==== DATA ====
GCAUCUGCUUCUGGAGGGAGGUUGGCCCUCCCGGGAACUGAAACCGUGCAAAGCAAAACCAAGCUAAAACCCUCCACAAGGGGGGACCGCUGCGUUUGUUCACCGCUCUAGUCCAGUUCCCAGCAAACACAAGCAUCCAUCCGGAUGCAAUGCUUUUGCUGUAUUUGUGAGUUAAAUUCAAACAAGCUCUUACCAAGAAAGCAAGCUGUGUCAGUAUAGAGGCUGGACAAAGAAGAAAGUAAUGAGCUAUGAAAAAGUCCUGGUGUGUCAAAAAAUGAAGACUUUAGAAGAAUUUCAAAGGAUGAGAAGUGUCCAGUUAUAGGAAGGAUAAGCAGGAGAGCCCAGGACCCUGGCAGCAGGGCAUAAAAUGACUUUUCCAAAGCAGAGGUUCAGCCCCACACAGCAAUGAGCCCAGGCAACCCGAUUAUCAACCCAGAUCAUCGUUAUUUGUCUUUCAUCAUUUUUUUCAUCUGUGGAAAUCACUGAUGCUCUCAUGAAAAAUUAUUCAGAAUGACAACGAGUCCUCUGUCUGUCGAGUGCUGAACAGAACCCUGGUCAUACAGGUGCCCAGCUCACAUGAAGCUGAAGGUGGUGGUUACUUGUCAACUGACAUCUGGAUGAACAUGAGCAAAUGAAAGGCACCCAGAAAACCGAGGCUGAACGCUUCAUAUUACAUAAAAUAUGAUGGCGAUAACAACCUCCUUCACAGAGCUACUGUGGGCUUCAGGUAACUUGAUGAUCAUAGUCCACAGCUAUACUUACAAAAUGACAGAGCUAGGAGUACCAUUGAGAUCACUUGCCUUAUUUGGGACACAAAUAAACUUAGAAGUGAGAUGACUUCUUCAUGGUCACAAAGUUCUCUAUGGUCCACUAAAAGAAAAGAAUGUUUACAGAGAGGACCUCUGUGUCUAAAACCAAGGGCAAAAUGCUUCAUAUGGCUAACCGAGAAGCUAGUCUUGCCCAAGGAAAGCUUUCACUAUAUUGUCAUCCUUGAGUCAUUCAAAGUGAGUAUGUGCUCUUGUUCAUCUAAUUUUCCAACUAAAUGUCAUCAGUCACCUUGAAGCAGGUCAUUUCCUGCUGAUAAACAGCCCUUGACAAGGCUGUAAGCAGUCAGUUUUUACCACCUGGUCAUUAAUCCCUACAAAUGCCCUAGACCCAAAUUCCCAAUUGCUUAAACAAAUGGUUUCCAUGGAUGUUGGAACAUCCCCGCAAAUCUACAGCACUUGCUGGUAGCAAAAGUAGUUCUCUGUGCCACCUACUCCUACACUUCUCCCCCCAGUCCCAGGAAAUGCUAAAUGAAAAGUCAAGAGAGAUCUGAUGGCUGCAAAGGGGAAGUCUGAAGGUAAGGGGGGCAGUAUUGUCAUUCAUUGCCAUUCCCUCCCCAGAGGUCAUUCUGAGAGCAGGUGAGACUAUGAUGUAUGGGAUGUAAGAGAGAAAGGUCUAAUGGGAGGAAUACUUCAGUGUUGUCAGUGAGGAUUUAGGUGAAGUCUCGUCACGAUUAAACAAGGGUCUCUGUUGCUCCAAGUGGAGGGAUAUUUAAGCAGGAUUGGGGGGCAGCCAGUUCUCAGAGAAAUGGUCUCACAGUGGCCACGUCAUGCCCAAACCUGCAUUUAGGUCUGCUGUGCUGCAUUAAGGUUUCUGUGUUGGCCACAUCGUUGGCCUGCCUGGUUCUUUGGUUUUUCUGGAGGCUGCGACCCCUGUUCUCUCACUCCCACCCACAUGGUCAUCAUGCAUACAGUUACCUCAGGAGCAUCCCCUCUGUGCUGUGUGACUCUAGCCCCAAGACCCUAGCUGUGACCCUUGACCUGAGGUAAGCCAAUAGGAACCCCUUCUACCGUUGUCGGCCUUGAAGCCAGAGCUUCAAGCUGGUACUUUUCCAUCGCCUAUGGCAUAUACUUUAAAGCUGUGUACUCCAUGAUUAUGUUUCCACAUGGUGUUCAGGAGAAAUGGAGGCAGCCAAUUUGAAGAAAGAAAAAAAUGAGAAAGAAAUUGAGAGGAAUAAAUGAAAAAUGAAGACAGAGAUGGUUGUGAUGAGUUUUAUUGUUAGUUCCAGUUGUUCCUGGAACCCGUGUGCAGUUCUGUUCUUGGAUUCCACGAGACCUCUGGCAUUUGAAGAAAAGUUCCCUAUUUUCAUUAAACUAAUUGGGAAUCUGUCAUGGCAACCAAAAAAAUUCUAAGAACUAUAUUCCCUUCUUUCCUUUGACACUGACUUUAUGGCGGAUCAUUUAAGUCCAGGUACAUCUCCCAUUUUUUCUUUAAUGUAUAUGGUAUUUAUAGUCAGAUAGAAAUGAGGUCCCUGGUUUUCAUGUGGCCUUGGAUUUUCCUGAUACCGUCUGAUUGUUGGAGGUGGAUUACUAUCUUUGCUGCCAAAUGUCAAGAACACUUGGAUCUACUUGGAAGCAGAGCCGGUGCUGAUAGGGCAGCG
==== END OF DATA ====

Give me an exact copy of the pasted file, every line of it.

GCAUCUGCUUCUGGAGGGAGGUUGGCCCUCCCGGGAACUGAAACCGUGCAAAGCAAAACCAAGCUAAAACCCUCCACAAGGGGGGACCGCUGCGUUUGUUCACCGCUCUAGUCCAGUUCCCAGCAAACACAAGCAUCCAUCCGGAUGCAAUGCUUUUGCUGUAUUUGUGAGUUAAAUUCAAACAAGCUCUUACCAAGAAAGCAAGCUGUGUCAGUAUAGAGGCUGGACAAAGAAGAAAGUAAUGAGCUAUGAAAAAGUCCUGGUGUGUCAAAAAAUGAAGACUUUAGAAGAAUUUCAAAGGAUGAGAAGUGUCCAGUUAUAGGAAGGAUAAGCAGGAGAGCCCAGGACCCUGGCAGCAGGGCAUAAAAUGACUUUUCCAAAGCAGAGGUUCAGCCCCACACAGCAAUGAGCCCAGGCAACCCGAUUAUCAACCCAGAUCAUCGUUAUUUGUCUUUCAUCAUUUUUUUCAUCUGUGGAAAUCACUGAUGCUCUCAUGAAAAAUUAUUCAGAAUGACAACGAGUCCUCUGUCUGUCGAGUGCUGAACAGAACCCUGGUCAUACAGGUGCCCAGCUCACAUGAAGCUGAAGGUGGUGGUUACUUGUCAACUGACAUCUGGAUGAACAUGAGCAAAUGAAAGGCACCCAGAAAACCGAGGCUGAACGCUUCAUAUUACAUAAAAUAUGAUGGCGAUAACAACCUCCUUCACAGAGCUACUGUGGGCUUCAGGUAACUUGAUGAUCAUAGUCCACAGCUAUACUUACAAAAUGACAGAGCUAGGAGUACCAUUGAGAUCACUUGCCUUAUUUGGGACACAAAUAAACUUAGAAGUGAGAUGACUUCUUCAUGGUCACAAAGUUCUCUAUGGUCCACUAAAAGAAAAGAAUGUUUACAGAGAGGACCUCUGUGUCUAAAACCAAGGGCAAAAUGCUUCAUAUGGCUAACCGAGAAGCUAGUCUUGCCCAAGGAAAGCUUUCACUAUAUUGUCAUCCUUGAGUCAUUCAAAGUGAGUAUGUGCUCUUGUUCAUCUAAUUUUCCAACUAAAUGUCAUCAGUCACCUUGAAGCAGGUCAUUUCCUGCUGAUAAACAGCCCUUGACAAGGCUGUAAGCAGUCAGUUUUUACCACCUGGUCAUUAAUCCCUACAAAUGCCCUAGACCCAAAUUCCCAAUUGCUUAAACAAAUGGUUUCCAUGGAUGUUGGAACAUCCCCGCAAAUCUACAGCACUUGCUGGUAGCAAAAGUAGUUCUCUGUGCCACCUACUCCUACACUUCUCCCCCCAGUCCCAGGAAAUGCUAAAUGAAAAGUCAAGAGAGAUCUGAUGGCUGCAAAGGGGAAGUCUGAAGGUAAGGGGGGCAGUAUUGUCAUUCAUUGCCAUUCCCUCCCCAGAGGUCAUUCUGAGAGCAGGUGAGACUAUGAUGUAUGGGAUGUAAGAGAGAAAGGUCUAAUGGGAGGAAUACUUCAGUGUUGUCAGUGAGGAUUUAGGUGAAGUCUCGUCACGAUUAAACAAGGGUCUCUGUUGCUCCAAGUGGAGGGAUAUUUAAGCAGGAUUGGGGGGCAGCCAGUUCUCAGAGAAAUGGUCUCACAGUGGCCACGUCAUGCCCAAACCUGCAUUUAGGUCUGCUGUGCUGCAUUAAGGUUUCUGUGUUGGCCACAUCGUUGGCCUGCCUGGUUCUUUGGUUUUUCUGGAGGCUGCGACCCCUGUUCUCUCACUCCCACCCACAUGGUCAUCAUGCAUACAGUUACCUCAGGAGCAUCCCCUCUGUGCUGUGUGACUCUAGCCCCAAGACCCUAGCUGUGACCCUUGACCUGAGGUAAGCCAAUAGGAACCCCUUCUACCGUUGUCGGCCUUGAAGCCAGAGCUUCAAGCUGGUACUUUUCCAUCGCCUAUGGCAUAUACUUUAAAGCUGUGUACUCCAUGAUUAUGUUUCCACAUGGUGUUCAGGAGAAAUGGAGGCAGCCAAUUUGAAGAAAGAAAAAAAUGAGAAAGAAAUUGAGAGGAAUAAAUGAAAAAUGAAGACAGAGAUGGUUGUGAUGAGUUUUAUUGUUAGUUCCAGUUGUUCCUGGAACCCGUGUGCAGUUCUGUUCUUGGAUUCCACGAGACCUCUGGCAUUUGAAGAAAAGUUCCCUAUUUUCAUUAAACUAAUUGGGAAUCUGUCAUGGCAACCAAAAAAAUUCUAAGAACUAUAUUCCCUUCUUUCCUUUGACACUGACUUUAUGGCGGAUCAUUUAAGUCCAGGUACAUCUCCCAUUUUUUCUUUAAUGUAUAUGGUAUUUAUAGUCAGAUAGAAAUGAGGUCCCUGGUUUUCAUGUGGCCUUGGAUUUUCCUGAUACCGUCUGAUUGUUGGAGGUGGAUUACUAUCUUUGCUGCCAAAUGUCAAGAACACUUGGAUCUACUUGGAAGCAGAGCCGGUGCUGAUAGGGCAGCG